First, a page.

John C. Caldwell
December 3, 1861
John C. Caldwell was a native Vermonter and a graduate of Amherst College in Massachusetts. He arrived in East Machias in 1855 to serve as principal of Washington Academy. Six years later, he volunteered to serve Maine in the Civil War.
Despite being fairly new to Maine and totally new to the military, Caldwell was elected Colonel of the 11th Maine Infantry Regiment.
As a commanding officer, Caldwell filed reports with Maine Adjutant General John Hodsdon. He assures Hodsdon about the training and condition of the regiment as they prepare for deployment. "We drill every forenoon in company drill, & every afternoon in battalion drill. The men are improving rapidly, & seem happy & contented," he writes.
The 11th Maine journeyed south through Boston, New York, Jersey City, Philadelphia, Baltimore, and eventually arrived in the District of Columbia. At each stop the regiment is provided a meal, which Caldwell mentions to Hodsdon in describing the food served in Philadelphia as "bountiful," while that in Boston was "deficient."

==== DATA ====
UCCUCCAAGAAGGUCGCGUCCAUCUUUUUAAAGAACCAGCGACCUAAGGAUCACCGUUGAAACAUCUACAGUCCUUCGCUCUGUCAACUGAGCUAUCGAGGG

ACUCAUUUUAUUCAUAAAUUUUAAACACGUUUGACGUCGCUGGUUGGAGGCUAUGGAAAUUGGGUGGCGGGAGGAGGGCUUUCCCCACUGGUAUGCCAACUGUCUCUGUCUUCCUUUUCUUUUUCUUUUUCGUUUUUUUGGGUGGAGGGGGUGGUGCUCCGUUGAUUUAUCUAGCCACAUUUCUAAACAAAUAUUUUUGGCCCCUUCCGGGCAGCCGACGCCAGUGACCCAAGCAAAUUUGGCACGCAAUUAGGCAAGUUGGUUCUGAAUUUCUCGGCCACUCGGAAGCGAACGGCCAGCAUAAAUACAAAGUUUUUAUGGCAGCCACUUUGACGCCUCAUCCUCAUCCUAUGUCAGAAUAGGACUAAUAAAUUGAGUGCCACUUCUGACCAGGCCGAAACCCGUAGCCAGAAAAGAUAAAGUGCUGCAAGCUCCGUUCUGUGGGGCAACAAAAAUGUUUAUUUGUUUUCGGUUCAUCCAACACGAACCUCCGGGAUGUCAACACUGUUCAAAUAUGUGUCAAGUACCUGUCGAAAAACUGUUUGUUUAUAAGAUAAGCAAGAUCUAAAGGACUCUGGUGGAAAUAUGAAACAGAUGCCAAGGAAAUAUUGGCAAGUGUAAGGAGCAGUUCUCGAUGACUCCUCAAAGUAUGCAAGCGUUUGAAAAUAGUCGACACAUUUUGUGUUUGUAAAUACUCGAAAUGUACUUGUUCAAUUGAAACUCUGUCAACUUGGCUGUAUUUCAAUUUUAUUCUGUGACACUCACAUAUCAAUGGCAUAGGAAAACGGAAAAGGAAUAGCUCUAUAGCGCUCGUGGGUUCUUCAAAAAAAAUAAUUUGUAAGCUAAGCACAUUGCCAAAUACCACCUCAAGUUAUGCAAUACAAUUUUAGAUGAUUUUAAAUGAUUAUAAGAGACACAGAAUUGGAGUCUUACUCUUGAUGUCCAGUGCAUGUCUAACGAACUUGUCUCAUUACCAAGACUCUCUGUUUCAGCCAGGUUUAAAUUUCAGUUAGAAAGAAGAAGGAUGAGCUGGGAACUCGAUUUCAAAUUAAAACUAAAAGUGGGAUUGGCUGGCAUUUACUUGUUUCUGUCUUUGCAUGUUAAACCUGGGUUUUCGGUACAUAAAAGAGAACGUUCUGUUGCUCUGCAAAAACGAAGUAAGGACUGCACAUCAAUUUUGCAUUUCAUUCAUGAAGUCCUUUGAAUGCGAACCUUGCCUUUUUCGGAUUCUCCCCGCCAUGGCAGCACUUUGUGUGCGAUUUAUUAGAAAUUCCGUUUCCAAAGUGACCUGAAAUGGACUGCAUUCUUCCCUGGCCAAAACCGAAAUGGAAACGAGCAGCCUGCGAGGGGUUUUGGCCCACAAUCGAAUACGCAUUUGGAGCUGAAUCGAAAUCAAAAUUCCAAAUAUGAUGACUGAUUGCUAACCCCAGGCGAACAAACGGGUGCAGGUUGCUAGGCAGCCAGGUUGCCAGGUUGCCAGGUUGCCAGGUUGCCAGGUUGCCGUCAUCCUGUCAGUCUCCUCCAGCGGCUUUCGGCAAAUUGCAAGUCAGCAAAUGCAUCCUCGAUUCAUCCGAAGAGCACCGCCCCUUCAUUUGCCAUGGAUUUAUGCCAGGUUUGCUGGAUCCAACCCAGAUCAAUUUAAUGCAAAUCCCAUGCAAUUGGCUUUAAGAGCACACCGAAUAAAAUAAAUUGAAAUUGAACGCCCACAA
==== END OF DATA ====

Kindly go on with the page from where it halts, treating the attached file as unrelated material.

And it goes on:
Caldwell mentions receiving weapons once the regiment arrives at Fort Knox. "We received our arms – altered muskets except the two flanking companies who received Springfield Rifles – on Tuesday," he informs Hodsdon.
The modified muzzle-loaded muskets had internal rifling, which provided greater range and accuracy than smoothbore muskets. The Springfield Rifles had a faster rate of fire and were more accurate than modified muskets. Early in the War, availability was limited, which Caldwell acknowledges in informing Hodsdon of their distribution within the regiment.
Mindful of the calendar and the weather, Caldwell sees little likelihood of going into battle. "There is an unpleasant prospect of wintering here," he writes.
- How are armies moved around the globe today?
- Caldwell describes meals, travel, and the health and outfitting of his regiment in this letter. Did he leave out any important parts of the journey?